ADVANCE AUTO BODY WORKS v. ASBURY TRANSP CO

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District Court of Appeal, Second District, Division 2, California.

ADVANCE AUTO BODY WORKS, Inc., v. ASBURY TRANSP. CO., Inc.

Civ. 10558.

Decided: December 13, 1935

Bart F. Wade, of Los Angeles, for appellant. Courtney Lacey, of Los Angeles, for respondent.

Plaintiff, a corporation engaged in the business of building commercial trucks and auto bodies, and defendant corporation, entered into a written contract under the terms of which plaintiff agreed to construct a horse-van body for defendant; the construction work to be done “on a time and material cost plus 10%” basis. When the work was finished, plaintiff rendered a bill for $2,008.41 covering the work, and defendant tendered payment of $1,107.27 plus sales tax as payment in full. The difference in the two amounts was made up of general overhead charges. The trial court rendered judgment in favor of plaintiff for $1,843.98, and defendant appeals, seeking a modification of the judgment which will exclude the overhead charges. It was stipulated by the parties during the trial that the actual cost of labor was $582.15 and the cost of material $429.49, or a total of $1,011.64 for labor and material. Appellant maintains that to this sum should be added the 10 per cent. additional sum called for by the contract, together with state and federal taxes, making a total of $1,162.86. The sum of $494.55 overhead expense which the trial court included in the judgment was made up as follows: Nonproductive labor, $151.65; shop supplies, $39.78; heat, light, power, and water, $24.23; depreciation on machinery, $48.30; insurance $28.36; rent, $130.61; taxes, $34.97; miscellaneous, $23.83; towel supply, $.27; depreciation, factory equipment, $12.55.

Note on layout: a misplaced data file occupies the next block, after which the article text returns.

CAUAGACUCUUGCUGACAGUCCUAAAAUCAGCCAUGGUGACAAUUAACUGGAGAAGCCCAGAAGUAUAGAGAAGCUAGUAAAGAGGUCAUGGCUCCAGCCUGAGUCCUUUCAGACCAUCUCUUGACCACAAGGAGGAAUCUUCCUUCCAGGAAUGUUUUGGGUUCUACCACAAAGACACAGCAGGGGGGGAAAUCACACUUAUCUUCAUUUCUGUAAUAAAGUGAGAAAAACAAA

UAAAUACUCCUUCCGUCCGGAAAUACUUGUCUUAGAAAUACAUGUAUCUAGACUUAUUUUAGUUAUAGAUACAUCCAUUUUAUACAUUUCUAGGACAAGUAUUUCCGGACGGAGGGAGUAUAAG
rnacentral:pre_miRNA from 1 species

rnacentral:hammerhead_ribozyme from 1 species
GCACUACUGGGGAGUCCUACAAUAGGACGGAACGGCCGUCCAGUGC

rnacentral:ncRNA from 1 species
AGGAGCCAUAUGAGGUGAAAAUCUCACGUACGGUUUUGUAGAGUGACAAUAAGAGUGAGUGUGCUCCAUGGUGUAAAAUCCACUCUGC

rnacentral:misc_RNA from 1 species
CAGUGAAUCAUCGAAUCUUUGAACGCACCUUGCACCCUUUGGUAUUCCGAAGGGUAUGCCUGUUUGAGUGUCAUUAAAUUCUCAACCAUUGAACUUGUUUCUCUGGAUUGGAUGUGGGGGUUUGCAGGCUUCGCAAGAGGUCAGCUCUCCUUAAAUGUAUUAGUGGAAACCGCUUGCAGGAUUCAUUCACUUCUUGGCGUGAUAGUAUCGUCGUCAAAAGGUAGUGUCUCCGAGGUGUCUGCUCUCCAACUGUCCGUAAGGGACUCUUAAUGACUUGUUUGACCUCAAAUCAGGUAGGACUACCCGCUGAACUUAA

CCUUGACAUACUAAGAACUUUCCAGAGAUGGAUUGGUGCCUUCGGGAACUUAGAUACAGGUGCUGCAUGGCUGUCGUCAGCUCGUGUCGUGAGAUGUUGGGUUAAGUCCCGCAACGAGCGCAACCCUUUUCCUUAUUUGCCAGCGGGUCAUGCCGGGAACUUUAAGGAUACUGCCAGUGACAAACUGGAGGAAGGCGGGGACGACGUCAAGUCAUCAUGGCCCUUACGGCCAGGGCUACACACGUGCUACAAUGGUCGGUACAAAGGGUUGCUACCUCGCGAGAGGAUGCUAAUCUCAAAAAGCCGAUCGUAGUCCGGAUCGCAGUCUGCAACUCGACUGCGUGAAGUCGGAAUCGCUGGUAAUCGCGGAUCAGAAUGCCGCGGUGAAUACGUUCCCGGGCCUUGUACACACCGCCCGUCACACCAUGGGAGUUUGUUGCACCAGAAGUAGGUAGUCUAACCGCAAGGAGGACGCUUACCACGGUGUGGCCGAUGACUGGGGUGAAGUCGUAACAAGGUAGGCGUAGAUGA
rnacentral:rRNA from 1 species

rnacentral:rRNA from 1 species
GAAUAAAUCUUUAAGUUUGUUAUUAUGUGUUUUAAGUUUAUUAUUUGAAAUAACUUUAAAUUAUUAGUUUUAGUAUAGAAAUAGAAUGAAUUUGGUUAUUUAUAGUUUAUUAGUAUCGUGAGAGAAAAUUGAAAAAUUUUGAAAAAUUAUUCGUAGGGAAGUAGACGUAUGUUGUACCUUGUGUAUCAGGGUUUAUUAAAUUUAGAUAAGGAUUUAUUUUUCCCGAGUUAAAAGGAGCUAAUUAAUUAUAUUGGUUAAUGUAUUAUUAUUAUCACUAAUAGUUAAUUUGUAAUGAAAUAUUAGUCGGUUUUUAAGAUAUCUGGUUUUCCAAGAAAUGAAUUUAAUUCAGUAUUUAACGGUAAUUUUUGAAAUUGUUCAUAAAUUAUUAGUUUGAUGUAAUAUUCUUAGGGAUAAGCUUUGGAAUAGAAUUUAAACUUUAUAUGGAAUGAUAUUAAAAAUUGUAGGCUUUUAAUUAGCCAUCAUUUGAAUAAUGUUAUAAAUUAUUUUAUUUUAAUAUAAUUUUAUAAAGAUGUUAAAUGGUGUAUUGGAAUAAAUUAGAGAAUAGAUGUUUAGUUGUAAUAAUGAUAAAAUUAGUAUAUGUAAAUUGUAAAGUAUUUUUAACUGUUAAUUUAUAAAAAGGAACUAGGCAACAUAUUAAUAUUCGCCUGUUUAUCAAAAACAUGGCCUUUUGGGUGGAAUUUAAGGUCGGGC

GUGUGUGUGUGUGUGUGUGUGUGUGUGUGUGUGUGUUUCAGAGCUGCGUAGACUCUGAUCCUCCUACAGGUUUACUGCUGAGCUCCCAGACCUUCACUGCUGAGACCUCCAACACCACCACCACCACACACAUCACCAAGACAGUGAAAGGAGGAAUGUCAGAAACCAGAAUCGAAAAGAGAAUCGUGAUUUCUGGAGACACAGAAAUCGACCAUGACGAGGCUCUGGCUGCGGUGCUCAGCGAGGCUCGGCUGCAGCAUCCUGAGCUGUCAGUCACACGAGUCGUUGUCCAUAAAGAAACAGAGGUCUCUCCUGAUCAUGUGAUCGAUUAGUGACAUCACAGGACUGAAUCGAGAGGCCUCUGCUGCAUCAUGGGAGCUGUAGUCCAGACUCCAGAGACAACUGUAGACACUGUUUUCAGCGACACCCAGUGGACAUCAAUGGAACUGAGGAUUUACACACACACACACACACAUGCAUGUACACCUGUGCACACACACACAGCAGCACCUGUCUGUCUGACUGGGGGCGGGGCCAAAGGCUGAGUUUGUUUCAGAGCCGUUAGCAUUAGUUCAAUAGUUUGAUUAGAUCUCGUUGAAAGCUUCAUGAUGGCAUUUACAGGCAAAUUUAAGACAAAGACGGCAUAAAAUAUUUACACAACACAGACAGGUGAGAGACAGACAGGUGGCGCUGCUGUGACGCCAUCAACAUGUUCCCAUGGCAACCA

The sole question to be determined on this appeal is whether or not the trial court erred in including the charge for overhead expense, in view of the provision of the contract which provided for payment “on a time and material cost plus 10%” basis.

Appellant contends that the evidence does not support the findings, for the reason that it was stipulated by the parties, and the evidence clearly shows, that the total cost of time and material was $1,011.64, 10 per cent. of which is $101.16, making a total of $1,112.80, and that the sum of $494.55 allowed by the court for overhead expenses, and the sum of $97.98 for selling expense, were erroneously included by the trial court under the heading of time and material. This contention must be upheld. The contract herein sued upon contained the words “Cost plus 10%,” through which appears a line, and following these words the contract provides, “On a Time and Material Cost Plus 10%.” By the change in phraseology, it is apparent that appellant attempted to more definitely restrict the charges for which it would be liable, and to avoid liability for any overhead charges. The overhead expense should not have been included in the computation of the charge to be made under the contract. To justify its inclusion it would be necessary to read into the contract terms which were obviously not intended to be included therein. In Lytle, Campbell & Co. v. Somers, Fitler & Todd Co., 276 Pa. 409, 120 A. 409, 411, 27 A.L.R. 41, a leading case on this subject, the court said: “Unless expressly written into the contract by defining exactly the overhead intended to be covered, the words ‘time and material,’ and like expressions, will not include overhead charges, but refer solely to the wages and salaries of the men engaged in the particular work contracted for and the actual cost of the materials furnished. The words will not be extended beyond their exact meaning, and indeed they should be given a restricted meaning. At least they should be considered in the sense in which they are popularly understood. One thus contracting engages to furnish and keep in condition the tools and necessary equipment to do the work.”

The judgment is reversed, with instructions to the trial court to render a modified judgment for respondent in the sum of $1,162.86, appellant to recover its costs of appeal.

WOOD, Justice.

We concur: CRAIL, P. J.; McCOMB, Justice pro tem.